More Magnesium equals fewer diabetes cases
Researchers from Japan report an association between a higher intake of the mineral magnesium and a lower risk of developing type 2 diabetes adding to the minerals ability to prevent the dreaded disease. Hiroyasu Iso, MD of Osaka University Graduate School of Medicine and his colleagues evaluated data from 17,592 men and women aged 40 to 79 who took part in the Japan Collaborative Cohort Study for Evaluation of Cancer Risk established between 1988 and 1990. Three-day dietary records and responses to questionnaires administered upon enrollment were analyzed for total magnesium intake. Primary food sources for the mineral included cereals, vegetables, beans and fish.
At the 5-year follow-up, 459 new cases of diabetes were reported. Those whose intake of magnesium was among the top 25 percent of male participants had a 36 percent lower adjusted risk of developing diabetes than men whose intake was lowest, and for women, the risk experienced by the highest 25 percent was 32 percent lower.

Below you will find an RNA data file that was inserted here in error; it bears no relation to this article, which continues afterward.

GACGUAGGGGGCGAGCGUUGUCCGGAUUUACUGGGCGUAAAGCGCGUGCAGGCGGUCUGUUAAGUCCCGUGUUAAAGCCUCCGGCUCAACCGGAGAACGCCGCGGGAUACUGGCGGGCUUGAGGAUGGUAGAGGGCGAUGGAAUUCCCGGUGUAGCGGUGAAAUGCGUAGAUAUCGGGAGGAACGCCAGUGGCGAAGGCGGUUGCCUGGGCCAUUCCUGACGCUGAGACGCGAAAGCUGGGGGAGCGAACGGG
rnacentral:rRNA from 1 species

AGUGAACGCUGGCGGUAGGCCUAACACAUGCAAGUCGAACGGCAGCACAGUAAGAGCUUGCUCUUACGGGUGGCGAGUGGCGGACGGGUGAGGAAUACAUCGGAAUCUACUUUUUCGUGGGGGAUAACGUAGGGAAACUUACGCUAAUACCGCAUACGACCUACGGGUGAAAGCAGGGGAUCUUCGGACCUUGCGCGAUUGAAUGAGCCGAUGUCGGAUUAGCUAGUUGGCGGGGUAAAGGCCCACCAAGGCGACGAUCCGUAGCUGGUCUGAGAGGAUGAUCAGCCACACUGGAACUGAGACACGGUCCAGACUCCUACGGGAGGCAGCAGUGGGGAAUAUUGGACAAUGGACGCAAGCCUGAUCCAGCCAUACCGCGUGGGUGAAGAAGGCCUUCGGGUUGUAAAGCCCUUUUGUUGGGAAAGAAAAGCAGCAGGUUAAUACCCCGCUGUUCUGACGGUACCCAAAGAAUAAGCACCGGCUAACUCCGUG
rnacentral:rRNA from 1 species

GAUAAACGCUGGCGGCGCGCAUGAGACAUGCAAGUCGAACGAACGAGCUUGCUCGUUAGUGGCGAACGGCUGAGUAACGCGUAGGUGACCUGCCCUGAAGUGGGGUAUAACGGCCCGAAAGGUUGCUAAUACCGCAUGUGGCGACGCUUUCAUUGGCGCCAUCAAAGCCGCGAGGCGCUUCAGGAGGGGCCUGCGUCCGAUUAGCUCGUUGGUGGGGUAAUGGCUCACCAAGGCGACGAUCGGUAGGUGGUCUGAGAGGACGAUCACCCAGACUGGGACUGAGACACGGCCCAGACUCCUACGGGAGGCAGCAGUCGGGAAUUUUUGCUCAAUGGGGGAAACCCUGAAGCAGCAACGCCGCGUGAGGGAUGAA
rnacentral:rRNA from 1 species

“To our knowledge, no study has examined the association between magnesium intake and the risk of diabetes in Japanese living in Japan,” the authors announce. They note that magnesium is a cofactor for several enzymes involved in carbohydrate metabolism, and a deficiency of the mineral may increase peripheral insulin resistance and impair glucose utilization. Previous research has found a benefit for magnesium supplements on fasting glucose level in diabetics and non-diabetics. With the increased prevalence of diabetes in Asian countries, the study’s findings are important for the development of national health policies to help prevent and control this potentially devastating disease. The study is published in the April, 2010 issue of the Journal of the American College of Nutrition.